The ACLU and GLBTQ Legal Advocates & Defenders (GLAD) today sent a letter urging Massachusetts public school districts to protect students’ legal rights by rejecting censorship in school libraries. The letter is in response to a rise in calls by a vocal minority in the Commonwealth for schools to remove library books from their shelves, as efforts to ban books and pass classroom censorship bills proliferate nationwide.  
The vast majority of book bans that are taking hold across the country specifically aim to remove books that are by and about LGBTQ people, communities of color, and other marginalized groups. According to the ACLU and GLAD letter, censoring books that focus on the experiences of historically marginalized communities is inconsistent with Massachusetts students’ rights to equality in education. 
“Across the country, there is a coordinated attack on students’ right to learn,” said Carol Rose, Executive Director of the ACLU of Massachusetts. “Book bans in school and public libraries—places that are central to our abilities to explore ideas, encounter new perspectives, and learn to think for ourselves—are misguided attempts to try to suppress that right. We applaud the communities that have resisted such attempts in Massachusetts and call on schools to protect all children’s access to an equal and safe education.”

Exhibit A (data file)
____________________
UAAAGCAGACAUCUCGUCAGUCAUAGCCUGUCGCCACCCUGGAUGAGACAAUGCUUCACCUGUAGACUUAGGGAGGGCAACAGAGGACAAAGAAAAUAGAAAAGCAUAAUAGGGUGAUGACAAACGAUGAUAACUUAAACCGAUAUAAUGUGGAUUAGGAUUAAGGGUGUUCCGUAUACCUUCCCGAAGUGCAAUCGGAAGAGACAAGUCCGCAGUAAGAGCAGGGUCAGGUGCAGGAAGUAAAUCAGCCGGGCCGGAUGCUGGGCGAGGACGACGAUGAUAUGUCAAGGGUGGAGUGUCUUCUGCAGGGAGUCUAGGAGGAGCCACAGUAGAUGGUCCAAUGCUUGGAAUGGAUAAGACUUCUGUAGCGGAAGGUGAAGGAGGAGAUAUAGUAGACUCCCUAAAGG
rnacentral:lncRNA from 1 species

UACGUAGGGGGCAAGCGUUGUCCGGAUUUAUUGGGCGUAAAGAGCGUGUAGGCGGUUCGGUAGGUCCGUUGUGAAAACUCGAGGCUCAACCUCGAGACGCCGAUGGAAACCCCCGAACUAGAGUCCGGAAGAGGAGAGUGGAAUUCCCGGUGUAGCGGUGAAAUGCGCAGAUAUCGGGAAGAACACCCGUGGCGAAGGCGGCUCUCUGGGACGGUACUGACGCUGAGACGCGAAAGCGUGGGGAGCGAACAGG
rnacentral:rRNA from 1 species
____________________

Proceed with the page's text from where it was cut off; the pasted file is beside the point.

The letter warns that removing books from school libraries may violate students’ rights to an unbiased education, as well as their free speech rights which include a right to receive a range of information. Based on these principles, the U.S. Supreme Court has held that the free speech rights of students are violated when a local school board removes books “from school library shelves simply because they dislike the ideas contained in those books.”  
“We are witnessing an organized, targeted campaign across the country to ban books centered on people of color and LGBTQ+ people and it is students who are being harmed,” said Mary L. Bonauto, Senior Director of Civil Rights and Legal Strategies at GLAD. “Parents and school officials in many communities have come together to resist these censorship efforts because they understand access to a diversity of books and ideas is fundamental to growth and learning. Our laws protect students’ rights to access books in which they can both see themselves and their families reflected and can engage with different perspectives and different people in the world around them, and our communities are all better off for it.”  
The letter was sent to the Massachusetts Associations of School Superintendents and School Committees, as well as state education officials and individual superintendents throughout the state.